Remaking a World completes a triptych of volumes on social suffering, violence, and recovery. Social Suffering, the first volume, deals with sources and major forms of social adversity, with an emphasis on political violence. The second, Violence and Subjectivity, contains graphic accounts of how collective experience of violence can alter individual subjectivity. This third volume explores the ways communities "cope" with—endure, work through, break apart under, transcend—traumatic and other more insidious forms of violence, addressing the effects of violence at the level of local worlds, interpersonal relations, and individual lives. The authors highlight the complex relationship between recognition of suffering in the public sphere and experienced suffering in people's everyday lives. Rich in local detail, the book's comparative ethnographies bring out both the recalcitrance of tragedy and the meaning of healing in attempts to remake the world.
Veena Das and Arthur Kleinman
Marginality, Suffering, and Community: The Politics of Collective Experience and Empowerment in Thailand
Reimagining Aboriginality: An Indigenous People’s Response to Social Suffering
The Bomb’s Womb? Women and the A-Bomb
Spirit Possessions and Avenging Ghosts: Stories of Supernatural Activity as Narratives of Terror and Mechanisms of Coping and Remembering
Boundaries, Names, Alterities: A Case Study of a “Communal Riot” in Dharavi, Bombay
Deepak Mehta and Roma Chatterji
Speech and Silence: Women’s Testimony in the First Five Weeks of Public Hearings of the South African Truth and Reconciliation Commission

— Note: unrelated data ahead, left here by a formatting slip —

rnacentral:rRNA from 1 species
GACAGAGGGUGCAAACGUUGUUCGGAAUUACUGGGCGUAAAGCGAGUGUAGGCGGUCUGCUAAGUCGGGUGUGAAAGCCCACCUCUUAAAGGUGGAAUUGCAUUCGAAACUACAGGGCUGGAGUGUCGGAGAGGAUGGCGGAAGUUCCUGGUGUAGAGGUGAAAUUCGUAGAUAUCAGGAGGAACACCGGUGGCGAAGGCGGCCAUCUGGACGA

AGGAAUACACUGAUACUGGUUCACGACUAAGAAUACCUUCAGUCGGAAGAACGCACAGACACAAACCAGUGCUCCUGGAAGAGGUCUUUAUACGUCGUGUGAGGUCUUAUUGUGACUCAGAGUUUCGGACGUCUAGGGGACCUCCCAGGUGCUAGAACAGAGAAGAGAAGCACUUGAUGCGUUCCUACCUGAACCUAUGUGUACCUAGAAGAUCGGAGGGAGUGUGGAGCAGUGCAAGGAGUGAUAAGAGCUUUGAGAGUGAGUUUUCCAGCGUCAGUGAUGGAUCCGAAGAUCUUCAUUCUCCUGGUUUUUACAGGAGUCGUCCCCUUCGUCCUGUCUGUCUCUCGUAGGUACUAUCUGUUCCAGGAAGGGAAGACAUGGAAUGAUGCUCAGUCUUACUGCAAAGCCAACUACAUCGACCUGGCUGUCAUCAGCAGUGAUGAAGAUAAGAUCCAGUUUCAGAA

Fiona C. Ross
Fiona C. Ross
Veena Das is A. Krieger-Eisenhower Professor of Anthropology at Johns Hopkins University. Arthur Kleinman is Maude and Lillian Presley Professor of Medical Anthropology at the Harvard Medical School. Margaret Lock is Professor of Social Studies of Medicine at McGill University. Mamphela Ramphele is Managing Director of the World Bank and former Vice Chancellor of the University of Cape Town, where Pamela Reynolds chairs the Department of Social Anthropology. In other combinations, these five are also the editors of Social Suffering (California, 1997) and Violence and Subjectivity (California, 2000).
"The ethnographic studies in this volume are outstanding, and together offer a brilliant mix of materials for throwing light on the representation of violence and suffering in the public sphere. Das and Kleinman introduce the collection with an elegant and deeply insightful set of theoretical reflections on narrative, voice, and social suffering."—Kenneth M. George, author of Showing Signs of Violence